Australian manufacturing index shows activity decline in July


The latest industry index from the Australian Industry Group (AI Group) shows that manufacturing activity once again declined in July, falling by 7.6 points to 42.0, still indicating a contraction.

Image courtesy of suwatpo /
Image courtesy of suwatpo / 

This reverses the slight improvement seen last month when the industry performance index increased by 5.8 points.

The Australian Performance of Manufacturing Index (Australian PMI) for July reports the biggest decline since April and shows that while the weakening currency is good news, manufacturers are still challenged by the current economic conditions, both locally and internationally.


In a statement AI Group chief executive, Innes Willox says the PMI shows that Australian manufacturers have had a slow start on the new financial year and failed to build on the momentum from June.

“Manufacturers are telling us that, while the fall in the Australian dollar and the May interest rate cut have been extremely welcome, they have not yet been enough to turn around a very challenging business environment, locally and internationally,” said Mr. Willox.

“In fact, the drop in the currency has fueled higher prices for imported inputs without any real corresponding improvement in stronger exports into what remain fiercely competitive markets.”

The PMI shows the export sub-sector index has fallen below 30 points again and is approaching its recent record lows.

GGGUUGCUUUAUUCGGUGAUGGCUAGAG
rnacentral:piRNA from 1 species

A third of the survey respondents for July have noted extreme weakness in local demand and consumer confidence. Mr. Willox also cited the concerns that businesses have with regard to the timing of the next federal election and the policy uncertainty in key areas which prompt them to postpone their investment decisions.

Adding to that he says “There are particular challenges for manufacturers selling into construction supply chains, or bidding for public sector contracts, and, most recently, demand for mining services has slumped. “

In a related article Bloomberg reports that while the Reserve Bank of Australia left rates unchanged at 2.75 percent for the past two meetings, investors are counting on a reduction next week.

Governor Glenn Stevens said second quarter inflation data suggests that there is still room to lower interest rates if required and he would not be surprised if the currency dropped further.

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